Looking East - Vincent van Gogh and Japan
|Collections||ANU Student Research Conference (2nd : 2016 : Canberra, ACT)|
|Title:||Looking East - Vincent van Gogh and Japan|
|Keywords:||student research conference|
Vincent van Gogh
|Publisher:||Australian National University|
During the formative years of his life in Arles, France, Vincent van Gogh became deeply enamoured with the art of Japan. Although he never saw Japan for himself, in his head he imagined it as an oriental utopia. This vision, while short-lived, was crucial for the eventual flowering of his unique painting style. Therefore, it is vital for us to understand the Japanese aesthetics and philosophy hidden in his paintings. The essay commences with a discussion on the origins of van Gogh’s Japonism interests and then proceeds with an analysis of how this manifested itself in three periods of his “Japanese Era”. The first period is the learning stage for van Gogh. Visually, his paintings are close to the original pieces, but they are not simply the copies as he normally intensified the colours and created additional borders. The second period mainly features the Portrait of Père Tanguy, indicating the Japanese art in his social and spiritual life. The peak was reached around 1888, Self-portrait as bonze is the one which reflects his Japanese preference most obviously, which is further discussed in the third part. The visual analysis technique is widely utilised in this paper to conduct the research of Vincent’s paintings and select the representatives of three periods. A visual analysis addresses an artwork’s formal elements—visual attributes such as color, line, texture, and size. It may also include historical context or interpretations of meaning.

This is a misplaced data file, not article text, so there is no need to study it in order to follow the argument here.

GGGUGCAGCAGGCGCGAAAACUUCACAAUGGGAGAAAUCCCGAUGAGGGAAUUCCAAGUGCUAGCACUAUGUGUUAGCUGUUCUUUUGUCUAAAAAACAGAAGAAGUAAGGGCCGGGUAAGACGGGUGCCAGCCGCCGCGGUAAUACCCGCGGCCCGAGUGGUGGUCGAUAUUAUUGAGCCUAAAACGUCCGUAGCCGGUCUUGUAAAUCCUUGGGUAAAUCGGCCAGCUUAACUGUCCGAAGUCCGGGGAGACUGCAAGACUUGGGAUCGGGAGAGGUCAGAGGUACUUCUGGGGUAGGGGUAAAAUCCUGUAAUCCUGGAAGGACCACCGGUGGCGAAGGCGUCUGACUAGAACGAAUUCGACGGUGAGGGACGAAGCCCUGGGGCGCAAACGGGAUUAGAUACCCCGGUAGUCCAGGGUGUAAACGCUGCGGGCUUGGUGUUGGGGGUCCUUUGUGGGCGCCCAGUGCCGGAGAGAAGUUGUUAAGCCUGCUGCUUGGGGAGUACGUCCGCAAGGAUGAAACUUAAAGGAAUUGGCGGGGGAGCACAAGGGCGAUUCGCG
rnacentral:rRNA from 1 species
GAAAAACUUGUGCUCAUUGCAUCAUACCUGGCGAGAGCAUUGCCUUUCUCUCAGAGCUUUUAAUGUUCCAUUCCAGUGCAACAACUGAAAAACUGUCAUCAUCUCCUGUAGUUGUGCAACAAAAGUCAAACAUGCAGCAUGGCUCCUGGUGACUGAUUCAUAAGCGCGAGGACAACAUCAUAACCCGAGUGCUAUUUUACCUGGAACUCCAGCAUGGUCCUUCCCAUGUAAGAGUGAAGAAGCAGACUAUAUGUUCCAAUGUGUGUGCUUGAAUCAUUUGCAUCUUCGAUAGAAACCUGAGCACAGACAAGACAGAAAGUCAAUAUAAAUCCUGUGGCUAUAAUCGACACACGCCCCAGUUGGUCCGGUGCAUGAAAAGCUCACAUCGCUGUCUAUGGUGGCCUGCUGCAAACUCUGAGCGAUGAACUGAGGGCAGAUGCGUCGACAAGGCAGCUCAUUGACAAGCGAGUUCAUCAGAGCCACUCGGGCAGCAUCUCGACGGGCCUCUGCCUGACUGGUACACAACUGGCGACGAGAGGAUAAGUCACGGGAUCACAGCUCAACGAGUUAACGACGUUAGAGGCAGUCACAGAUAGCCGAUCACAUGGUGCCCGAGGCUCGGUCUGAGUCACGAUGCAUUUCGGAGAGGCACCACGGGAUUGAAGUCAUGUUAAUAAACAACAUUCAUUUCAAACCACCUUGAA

|Clive You.pdf||Published version||6.79 MB||Adobe PDF|
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